There are many of misconceptions and false views in our day as to the kind of person Jesus really was. It is a popular view to consider Jesus as very accepting, tolerant, and non-judgmental. Our Lord is portrayed by many as being very non-confrontational—not wanting to argue with anyone and accepting just about all men regardless of their conduct, doctrines, and attitudes.
Friends, we must not allow the world to develop our understanding of Jesus. The Bible must be our authority in creating our perception of our Lord. We must be as the noble Bereans, where of them it is said, “Now these were more noble than those in Thessalonica, in that they received the word with all readiness of the mind, examining the Scriptures daily, whether these things were so” (Acts 17:11).
One of the attributes of the Father’s Son that many have difficulty with is His boldness in addressing and correcting error. Many find it hard to believe that Jesus would actually confront people and tell they are wrong—and then tell them the correct view. This type of action goes against our current culture. Most of the world has a pluralistic attitude, sometimes referred to as multiculturalism. This is the view that all cultures regardless of their moral and religious views are equally valid. The world, as a whole, believes that Jesus was not judgmental of others’ views and practices, and would never embarrass anyone suggesting they had the wrong view on a matter. But this is not the Jesus of the Bible. Jesus corrected error, engaged in debate, and participated in logical argument setting forth truth and countering error.
Let us now consider one biblical example of Jesus confronting error. In Matthew 15, Jesus is confronted by the scribes and Pharisees making accusation against His disciples, “Why do thy disciples transgress the tradition of the elders? for they wash not their hands when they eat bread” (Mt. 15:2). Notice that the scribes and Pharisees did not accuse the disciples of transgressing God’s law, but “the tradition of the elders.” They were criticizing Jesus and His disciples for what they believed to be wrong doing.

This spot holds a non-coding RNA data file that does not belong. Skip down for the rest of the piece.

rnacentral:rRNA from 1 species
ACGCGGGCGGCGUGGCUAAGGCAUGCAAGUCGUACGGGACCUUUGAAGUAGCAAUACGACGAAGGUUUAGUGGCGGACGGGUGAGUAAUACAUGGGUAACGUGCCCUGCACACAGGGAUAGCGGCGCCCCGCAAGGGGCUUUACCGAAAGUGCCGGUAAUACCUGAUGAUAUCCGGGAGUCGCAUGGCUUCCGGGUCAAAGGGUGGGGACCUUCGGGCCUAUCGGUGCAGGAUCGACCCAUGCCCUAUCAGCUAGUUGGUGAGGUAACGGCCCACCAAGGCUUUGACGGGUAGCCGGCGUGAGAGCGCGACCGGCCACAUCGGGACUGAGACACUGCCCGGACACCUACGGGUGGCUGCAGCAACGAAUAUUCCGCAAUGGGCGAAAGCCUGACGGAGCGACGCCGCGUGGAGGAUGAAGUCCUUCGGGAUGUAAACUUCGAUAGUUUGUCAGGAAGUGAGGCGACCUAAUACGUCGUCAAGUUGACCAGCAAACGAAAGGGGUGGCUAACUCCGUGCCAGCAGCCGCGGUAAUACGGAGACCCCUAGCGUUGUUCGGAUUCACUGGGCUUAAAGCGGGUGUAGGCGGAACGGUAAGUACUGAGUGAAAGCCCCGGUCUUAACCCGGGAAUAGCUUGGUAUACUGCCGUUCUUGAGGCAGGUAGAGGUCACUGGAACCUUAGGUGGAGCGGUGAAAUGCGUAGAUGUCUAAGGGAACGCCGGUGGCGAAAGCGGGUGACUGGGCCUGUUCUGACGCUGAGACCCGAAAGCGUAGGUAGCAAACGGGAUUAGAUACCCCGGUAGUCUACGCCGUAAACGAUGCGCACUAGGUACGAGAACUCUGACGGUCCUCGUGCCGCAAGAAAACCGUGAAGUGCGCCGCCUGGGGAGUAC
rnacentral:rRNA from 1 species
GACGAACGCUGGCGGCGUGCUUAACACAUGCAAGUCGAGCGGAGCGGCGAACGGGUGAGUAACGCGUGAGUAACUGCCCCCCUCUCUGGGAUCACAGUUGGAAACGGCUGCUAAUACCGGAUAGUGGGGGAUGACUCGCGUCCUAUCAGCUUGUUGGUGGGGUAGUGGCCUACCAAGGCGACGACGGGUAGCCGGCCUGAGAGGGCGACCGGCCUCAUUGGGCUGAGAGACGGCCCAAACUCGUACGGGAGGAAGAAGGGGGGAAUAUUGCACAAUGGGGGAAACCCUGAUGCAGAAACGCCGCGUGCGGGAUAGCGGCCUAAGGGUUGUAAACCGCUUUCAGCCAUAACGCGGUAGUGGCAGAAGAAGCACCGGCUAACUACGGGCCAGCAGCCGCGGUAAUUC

How did Jesus respond to this accusation? Did Jesus say, “Look fellows, let’s not argue—religion is not about arguing. Let me just give you a big hug and we will agree to disagree.” This is not the approach that our Lord took in any shape, form, or fashion.
Rather, Jesus comes back at them quickly and boldly, saying, “Why do ye also transgress the commandment of God by your tradition?” (Mt. 15:3). Jesus says, you are the one transgressing, and you are doing so by placing your traditions above the teachings of God. In the next few verses Jesus will show them where they have violated actual inspired teachings—not His disciples.
The example Jesus uses is they thought they could use their money for items to the neglect of the parents and called it a “gift” (Mt. 15:5), or “Corban” (Mk. 7:11) – that is, dedicated to God. They thought this exempted them from the caring of their parents. They were violating, though, one of the Ten Commandments, “Honor thy father and thy mother” (Exodus 20:12), by their tradition of “Corban.” Jesus is saying, how dare you make up a law that clearly goes against biblical teaching! Our Lord’s stern condemnation of their error is clearly seen in the next verses, “Ye hypocrites, well did Esaias prophesy of you, saying, This people draweth nigh unto me with their mouth, and honoureth me with their lips; but their heart is far from me. But in vain they do worship me, teaching for doctrines the commandments of men” (Mt. 15:7-9).
Does this sound like a man who did not want to be judgmental or one who was multicultural in attitude? Not on your life! The examples of Jesus confronting error could be greatly multiplied, but this one example is enough to prove that the view many have toward Jesus (excepting and tolerant of most things) is clearly false.
Friends, doctrine matters to Jesus. The often-held view that it doesn’t matter what you believe as long as you are sincere is foreign to the Bible. Jesus boldly and courageously addressed and corrected error. If we want to be like Jesus we will go and do likewise.